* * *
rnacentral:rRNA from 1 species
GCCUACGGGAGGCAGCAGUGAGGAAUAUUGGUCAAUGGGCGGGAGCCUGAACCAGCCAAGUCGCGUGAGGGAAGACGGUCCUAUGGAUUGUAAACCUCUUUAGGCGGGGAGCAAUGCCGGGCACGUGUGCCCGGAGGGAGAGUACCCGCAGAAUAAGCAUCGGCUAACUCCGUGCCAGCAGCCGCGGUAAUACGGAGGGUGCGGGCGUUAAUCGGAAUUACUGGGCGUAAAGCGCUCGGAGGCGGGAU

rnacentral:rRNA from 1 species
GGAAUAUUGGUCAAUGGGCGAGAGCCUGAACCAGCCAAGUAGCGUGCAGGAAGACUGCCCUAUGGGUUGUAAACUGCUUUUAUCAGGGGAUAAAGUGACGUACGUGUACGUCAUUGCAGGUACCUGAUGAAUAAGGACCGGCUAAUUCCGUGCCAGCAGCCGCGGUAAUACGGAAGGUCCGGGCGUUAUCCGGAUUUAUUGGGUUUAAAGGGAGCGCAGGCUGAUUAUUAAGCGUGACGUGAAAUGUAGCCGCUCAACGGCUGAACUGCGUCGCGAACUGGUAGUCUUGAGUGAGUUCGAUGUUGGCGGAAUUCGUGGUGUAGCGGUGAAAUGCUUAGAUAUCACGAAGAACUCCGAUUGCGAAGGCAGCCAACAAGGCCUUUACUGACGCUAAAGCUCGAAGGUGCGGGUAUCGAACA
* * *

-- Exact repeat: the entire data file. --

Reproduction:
rnacentral:rRNA from 1 species
GCCUACGGGAGGCAGCAGUGAGGAAUAUUGGUCAAUGGGCGGGAGCCUGAACCAGCCAAGUCGCGUGAGGGAAGACGGUCCUAUGGAUUGUAAACCUCUUUAGGCGGGGAGCAAUGCCGGGCACGUGUGCCCGGAGGGAGAGUACCCGCAGAAUAAGCAUCGGCUAACUCCGUGCCAGCAGCCGCGGUAAUACGGAGGGUGCGGGCGUUAAUCGGAAUUACUGGGCGUAAAGCGCUCGGAGGCGGGAU

rnacentral:rRNA from 1 species
GGAAUAUUGGUCAAUGGGCGAGAGCCUGAACCAGCCAAGUAGCGUGCAGGAAGACUGCCCUAUGGGUUGUAAACUGCUUUUAUCAGGGGAUAAAGUGACGUACGUGUACGUCAUUGCAGGUACCUGAUGAAUAAGGACCGGCUAAUUCCGUGCCAGCAGCCGCGGUAAUACGGAAGGUCCGGGCGUUAUCCGGAUUUAUUGGGUUUAAAGGGAGCGCAGGCUGAUUAUUAAGCGUGACGUGAAAUGUAGCCGCUCAACGGCUGAACUGCGUCGCGAACUGGUAGUCUUGAGUGAGUUCGAUGUUGGCGGAAUUCGUGGUGUAGCGGUGAAAUGCUUAGAUAUCACGAAGAACUCCGAUUGCGAAGGCAGCCAACAAGGCCUUUACUGACGCUAAAGCUCGAAGGUGCGGGUAUCGAACA